A robotics engineer is a behind-the-scenes designer, who is responsible for creating robots and robotic systems that are able to perform duties that humans are either unable or prefer not to complete. Through their creations, a robotics engineer helps to make jobs safer, easier, and more efficient, particularly in the manufacturing industry.
Would you make a good robotics engineer? Sokanu's free assessment reveals how compatible you are with a career across 5 dimensions!Take the career test
A robotics engineer will spend the majority of their time designing the plans needed to build robots. They also design the processes necessary for the robot to run correctly. Some of these professionals are also responsible for designing the machines that actually assemble the robots. Once the design phase has been completed, only then do they move toward assembling the unit.
This type of engineer is responsible for creating several different types of robots that are used to complete a variety of different tasks. Prior to a robot being constructed, the engineer will have first researched and determined exactly what the robot will be used for, and the manner in which it will accomplish its goal. For these professionals, the building process will take a great deal of time. Robots are highly technical and difficult to create, and the task can be very tricky. For this reason it's not uncommon for a robotics engineer to only work on a handful of projects throughout his or her entire career. Professionals in this field need to be very patient.
Typical day-to-day duties include:
In order to work as a robotics engineer, an individual will first need to earn a bachelor's degree in engineering. Courses in robotics typically include general training in pneumatics and hydraulics, numerically controlled systems, CADD/CAM systems, integrated systems, logic, and microprocessors. Since robotics technology relies heavily on the expertise of several engineering disciplines, engineers who specialize in robotics will typically have degrees in electrical, manufacturing, industrial, electronic, or mechanical engineering.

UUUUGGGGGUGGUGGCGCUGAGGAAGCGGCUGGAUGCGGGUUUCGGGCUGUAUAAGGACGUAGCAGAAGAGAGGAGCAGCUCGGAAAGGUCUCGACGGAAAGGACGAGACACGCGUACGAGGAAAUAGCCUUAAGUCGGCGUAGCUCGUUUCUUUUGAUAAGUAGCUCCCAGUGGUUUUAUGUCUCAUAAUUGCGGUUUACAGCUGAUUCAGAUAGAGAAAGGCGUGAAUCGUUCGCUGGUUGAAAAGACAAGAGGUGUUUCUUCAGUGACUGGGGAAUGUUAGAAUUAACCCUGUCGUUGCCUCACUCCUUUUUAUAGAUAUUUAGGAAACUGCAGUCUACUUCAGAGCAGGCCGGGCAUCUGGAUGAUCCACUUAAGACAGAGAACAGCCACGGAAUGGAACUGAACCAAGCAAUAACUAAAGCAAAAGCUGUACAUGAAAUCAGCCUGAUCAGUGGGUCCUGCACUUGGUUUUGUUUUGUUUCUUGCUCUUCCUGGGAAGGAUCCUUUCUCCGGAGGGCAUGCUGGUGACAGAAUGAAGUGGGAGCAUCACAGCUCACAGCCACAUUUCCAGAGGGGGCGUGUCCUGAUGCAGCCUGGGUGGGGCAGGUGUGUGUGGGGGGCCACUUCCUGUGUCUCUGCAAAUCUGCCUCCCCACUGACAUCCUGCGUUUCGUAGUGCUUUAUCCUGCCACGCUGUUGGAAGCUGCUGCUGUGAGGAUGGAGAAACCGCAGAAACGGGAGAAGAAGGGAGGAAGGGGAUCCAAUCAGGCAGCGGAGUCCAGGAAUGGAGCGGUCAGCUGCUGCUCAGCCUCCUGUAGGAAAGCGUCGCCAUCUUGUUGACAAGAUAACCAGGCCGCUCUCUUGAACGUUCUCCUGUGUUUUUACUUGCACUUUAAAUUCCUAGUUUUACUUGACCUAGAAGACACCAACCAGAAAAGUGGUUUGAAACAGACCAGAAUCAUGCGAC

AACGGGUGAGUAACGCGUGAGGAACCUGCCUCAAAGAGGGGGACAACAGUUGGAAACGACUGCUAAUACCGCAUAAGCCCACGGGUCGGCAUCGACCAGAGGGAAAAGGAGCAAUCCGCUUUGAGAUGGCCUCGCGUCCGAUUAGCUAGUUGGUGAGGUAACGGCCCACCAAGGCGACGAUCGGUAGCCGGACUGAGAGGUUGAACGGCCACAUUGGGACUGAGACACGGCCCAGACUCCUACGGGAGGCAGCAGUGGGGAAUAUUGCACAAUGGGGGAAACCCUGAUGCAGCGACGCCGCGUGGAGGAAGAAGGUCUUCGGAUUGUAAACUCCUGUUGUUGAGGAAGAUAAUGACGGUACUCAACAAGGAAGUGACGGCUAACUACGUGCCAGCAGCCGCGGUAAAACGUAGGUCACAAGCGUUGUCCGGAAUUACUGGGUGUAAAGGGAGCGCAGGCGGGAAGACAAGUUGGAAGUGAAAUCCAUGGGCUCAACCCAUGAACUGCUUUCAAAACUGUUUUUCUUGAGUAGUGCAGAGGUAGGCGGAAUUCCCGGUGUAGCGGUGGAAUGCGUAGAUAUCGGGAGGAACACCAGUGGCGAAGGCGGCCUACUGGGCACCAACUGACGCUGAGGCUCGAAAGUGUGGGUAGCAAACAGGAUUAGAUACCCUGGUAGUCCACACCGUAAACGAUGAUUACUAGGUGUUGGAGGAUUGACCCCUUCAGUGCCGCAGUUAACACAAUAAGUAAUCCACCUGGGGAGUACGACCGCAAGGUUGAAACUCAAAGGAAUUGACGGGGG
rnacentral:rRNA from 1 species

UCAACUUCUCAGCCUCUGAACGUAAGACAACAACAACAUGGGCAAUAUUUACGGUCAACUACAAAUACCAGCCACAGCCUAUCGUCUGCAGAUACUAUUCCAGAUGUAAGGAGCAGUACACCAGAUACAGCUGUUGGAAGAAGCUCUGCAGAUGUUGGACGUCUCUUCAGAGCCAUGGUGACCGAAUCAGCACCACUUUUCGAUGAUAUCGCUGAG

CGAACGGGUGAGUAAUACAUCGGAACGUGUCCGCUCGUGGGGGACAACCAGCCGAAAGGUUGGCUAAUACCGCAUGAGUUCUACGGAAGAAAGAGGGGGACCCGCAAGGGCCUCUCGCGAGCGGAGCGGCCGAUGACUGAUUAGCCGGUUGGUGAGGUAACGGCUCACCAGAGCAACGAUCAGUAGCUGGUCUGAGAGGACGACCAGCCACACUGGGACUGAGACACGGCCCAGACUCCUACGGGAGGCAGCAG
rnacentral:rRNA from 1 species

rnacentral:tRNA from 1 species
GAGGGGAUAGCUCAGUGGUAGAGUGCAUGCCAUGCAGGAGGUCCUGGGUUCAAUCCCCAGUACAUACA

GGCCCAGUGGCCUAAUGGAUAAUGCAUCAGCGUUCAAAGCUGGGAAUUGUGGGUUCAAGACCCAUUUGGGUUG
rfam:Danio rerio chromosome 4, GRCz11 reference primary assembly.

It will typically take four to five years to complete a bachelor's degree. Most major universities and colleges will have an engineering department. Some colleges even offer engineering programs specially geared towards robotics. Depending on the college or university, they may allow students to complete work-study programs in order to receive on-the-job training while working towards earning their degree.
For upper-level positions within the industry, a master's or doctorate level degree is required. In order to remain abreast of new changes and developments within the industry, working robotics engineers will still need to continually update their technical knowledge. This requirement is generally satisfied by annual conferences, seminars, and training sessions.
In addition to the engineering component, professionals in this industry also need to be well versed in the areas of electronics, chemistry, physics, and mathematics. The ability to effectively communicate, both orally and in writing, is also essential to being successful in this field.
From mesofluidics and hydraulics to solar photovoltaics and biogeneration, Dr. Love discusses his innovative approaches to advancing robotics, clean energy technology and nanomaterials.
Robotics engineers design robots and develop the programs and applications that allow them to function.
What's the best way to become a robotics expert? Scientists and engineers at NASA reveal how their career paths led to the world of robotics.
The majority of people have merely grown up with fantasies about the possibility of robots doing humanity's bidding. With the creativity and engineering concepts from Robotics Engineers, this fantasy has become a reality in a handful of industries such as in the manufacturing sector.